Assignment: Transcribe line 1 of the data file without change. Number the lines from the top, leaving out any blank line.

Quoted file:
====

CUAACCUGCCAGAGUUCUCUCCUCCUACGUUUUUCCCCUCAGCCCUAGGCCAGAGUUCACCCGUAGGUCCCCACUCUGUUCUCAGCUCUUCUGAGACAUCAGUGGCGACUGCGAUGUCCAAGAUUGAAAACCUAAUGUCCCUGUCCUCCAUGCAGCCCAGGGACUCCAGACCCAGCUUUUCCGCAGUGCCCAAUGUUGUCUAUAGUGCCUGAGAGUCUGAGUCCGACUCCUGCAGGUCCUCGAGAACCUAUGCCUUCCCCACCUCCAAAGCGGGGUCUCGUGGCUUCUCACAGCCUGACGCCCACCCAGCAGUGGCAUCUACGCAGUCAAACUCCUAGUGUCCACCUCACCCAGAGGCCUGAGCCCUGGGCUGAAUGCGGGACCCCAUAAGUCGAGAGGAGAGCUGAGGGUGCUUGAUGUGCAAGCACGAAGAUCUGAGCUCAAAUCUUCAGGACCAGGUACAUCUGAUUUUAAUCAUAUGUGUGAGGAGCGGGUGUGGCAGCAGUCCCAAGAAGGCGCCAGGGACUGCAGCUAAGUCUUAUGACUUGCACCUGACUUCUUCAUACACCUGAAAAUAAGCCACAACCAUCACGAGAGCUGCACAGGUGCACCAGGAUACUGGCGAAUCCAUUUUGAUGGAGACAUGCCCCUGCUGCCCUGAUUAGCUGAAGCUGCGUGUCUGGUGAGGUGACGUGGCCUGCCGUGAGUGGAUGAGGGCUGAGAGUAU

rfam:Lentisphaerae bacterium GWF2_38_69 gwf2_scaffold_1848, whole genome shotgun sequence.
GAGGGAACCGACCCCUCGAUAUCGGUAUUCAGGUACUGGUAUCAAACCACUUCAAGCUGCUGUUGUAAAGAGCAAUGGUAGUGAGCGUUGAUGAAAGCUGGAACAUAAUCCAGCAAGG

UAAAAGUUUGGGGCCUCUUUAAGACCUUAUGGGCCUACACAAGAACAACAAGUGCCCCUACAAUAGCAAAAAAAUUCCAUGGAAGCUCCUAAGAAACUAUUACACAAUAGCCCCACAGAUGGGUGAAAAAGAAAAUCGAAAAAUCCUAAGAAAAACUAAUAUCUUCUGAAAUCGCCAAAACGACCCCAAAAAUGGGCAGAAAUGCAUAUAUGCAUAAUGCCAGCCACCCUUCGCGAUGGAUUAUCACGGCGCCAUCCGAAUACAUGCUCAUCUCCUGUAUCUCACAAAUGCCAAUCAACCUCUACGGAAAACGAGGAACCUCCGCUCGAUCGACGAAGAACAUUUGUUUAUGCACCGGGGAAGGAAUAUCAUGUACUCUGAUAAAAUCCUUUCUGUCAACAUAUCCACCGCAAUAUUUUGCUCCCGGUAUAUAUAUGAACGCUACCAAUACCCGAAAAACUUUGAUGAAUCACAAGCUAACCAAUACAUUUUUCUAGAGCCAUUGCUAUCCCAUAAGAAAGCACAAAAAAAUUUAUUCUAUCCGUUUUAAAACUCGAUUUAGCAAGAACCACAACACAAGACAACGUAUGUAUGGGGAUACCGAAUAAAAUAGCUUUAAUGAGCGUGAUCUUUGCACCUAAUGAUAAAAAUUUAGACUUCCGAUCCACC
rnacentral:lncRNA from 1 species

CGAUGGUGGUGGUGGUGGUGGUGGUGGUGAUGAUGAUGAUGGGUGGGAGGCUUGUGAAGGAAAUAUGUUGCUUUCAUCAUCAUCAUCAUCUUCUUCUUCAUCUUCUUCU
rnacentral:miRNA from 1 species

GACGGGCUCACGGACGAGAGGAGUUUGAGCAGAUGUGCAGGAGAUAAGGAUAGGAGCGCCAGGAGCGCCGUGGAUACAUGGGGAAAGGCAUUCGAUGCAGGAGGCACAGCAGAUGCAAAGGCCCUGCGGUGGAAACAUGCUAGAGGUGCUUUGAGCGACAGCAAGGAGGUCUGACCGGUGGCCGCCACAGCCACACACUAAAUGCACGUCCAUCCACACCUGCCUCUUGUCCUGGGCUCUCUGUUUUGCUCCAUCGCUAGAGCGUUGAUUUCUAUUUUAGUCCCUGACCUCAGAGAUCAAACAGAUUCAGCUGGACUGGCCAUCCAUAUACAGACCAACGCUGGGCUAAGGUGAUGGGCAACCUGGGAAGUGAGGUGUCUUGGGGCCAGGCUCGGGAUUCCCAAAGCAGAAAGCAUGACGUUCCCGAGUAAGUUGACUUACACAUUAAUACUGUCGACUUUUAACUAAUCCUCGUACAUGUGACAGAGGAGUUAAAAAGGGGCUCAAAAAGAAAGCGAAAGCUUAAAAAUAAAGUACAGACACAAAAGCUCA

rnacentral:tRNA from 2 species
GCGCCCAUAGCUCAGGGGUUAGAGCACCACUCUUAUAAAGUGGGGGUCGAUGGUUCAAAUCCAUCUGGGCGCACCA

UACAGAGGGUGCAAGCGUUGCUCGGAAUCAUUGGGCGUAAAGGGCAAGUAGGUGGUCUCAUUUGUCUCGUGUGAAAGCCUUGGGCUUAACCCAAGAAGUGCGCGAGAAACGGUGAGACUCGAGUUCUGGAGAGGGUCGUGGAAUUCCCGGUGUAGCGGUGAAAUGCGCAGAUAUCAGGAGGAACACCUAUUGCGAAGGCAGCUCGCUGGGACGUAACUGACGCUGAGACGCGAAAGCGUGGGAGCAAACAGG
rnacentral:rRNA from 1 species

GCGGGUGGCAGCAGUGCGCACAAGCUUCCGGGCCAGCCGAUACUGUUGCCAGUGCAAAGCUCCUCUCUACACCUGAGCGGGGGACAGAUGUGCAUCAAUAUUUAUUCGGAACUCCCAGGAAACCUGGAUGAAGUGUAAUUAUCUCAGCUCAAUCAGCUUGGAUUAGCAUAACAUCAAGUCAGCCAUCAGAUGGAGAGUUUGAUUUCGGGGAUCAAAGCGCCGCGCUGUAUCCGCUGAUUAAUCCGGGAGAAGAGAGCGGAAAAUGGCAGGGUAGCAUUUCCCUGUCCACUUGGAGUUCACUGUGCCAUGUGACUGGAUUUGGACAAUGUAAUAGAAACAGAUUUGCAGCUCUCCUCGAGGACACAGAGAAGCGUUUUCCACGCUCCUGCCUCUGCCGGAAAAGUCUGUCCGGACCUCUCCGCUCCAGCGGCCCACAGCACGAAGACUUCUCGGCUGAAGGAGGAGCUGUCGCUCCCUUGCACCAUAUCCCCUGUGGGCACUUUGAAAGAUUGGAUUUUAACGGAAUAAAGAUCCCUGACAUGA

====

CUAACCUGCCAGAGUUCUCUCCUCCUACGUUUUUCCCCUCAGCCCUAGGCCAGAGUUCACCCGUAGGUCCCCACUCUGUUCUCAGCUCUUCUGAGACAUCAGUGGCGACUGCGAUGUCCAAGAUUGAAAACCUAAUGUCCCUGUCCUCCAUGCAGCCCAGGGACUCCAGACCCAGCUUUUCCGCAGUGCCCAAUGUUGUCUAUAGUGCCUGAGAGUCUGAGUCCGACUCCUGCAGGUCCUCGAGAACCUAUGCCUUCCCCACCUCCAAAGCGGGGUCUCGUGGCUUCUCACAGCCUGACGCCCACCCAGCAGUGGCAUCUACGCAGUCAAACUCCUAGUGUCCACCUCACCCAGAGGCCUGAGCCCUGGGCUGAAUGCGGGACCCCAUAAGUCGAGAGGAGAGCUGAGGGUGCUUGAUGUGCAAGCACGAAGAUCUGAGCUCAAAUCUUCAGGACCAGGUACAUCUGAUUUUAAUCAUAUGUGUGAGGAGCGGGUGUGGCAGCAGUCCCAAGAAGGCGCCAGGGACUGCAGCUAAGUCUUAUGACUUGCACCUGACUUCUUCAUACACCUGAAAAUAAGCCACAACCAUCACGAGAGCUGCACAGGUGCACCAGGAUACUGGCGAAUCCAUUUUGAUGGAGACAUGCCCCUGCUGCCCUGAUUAGCUGAAGCUGCGUGUCUGGUGAGGUGACGUGGCCUGCCGUGAGUGGAUGAGGGCUGAGAGUAU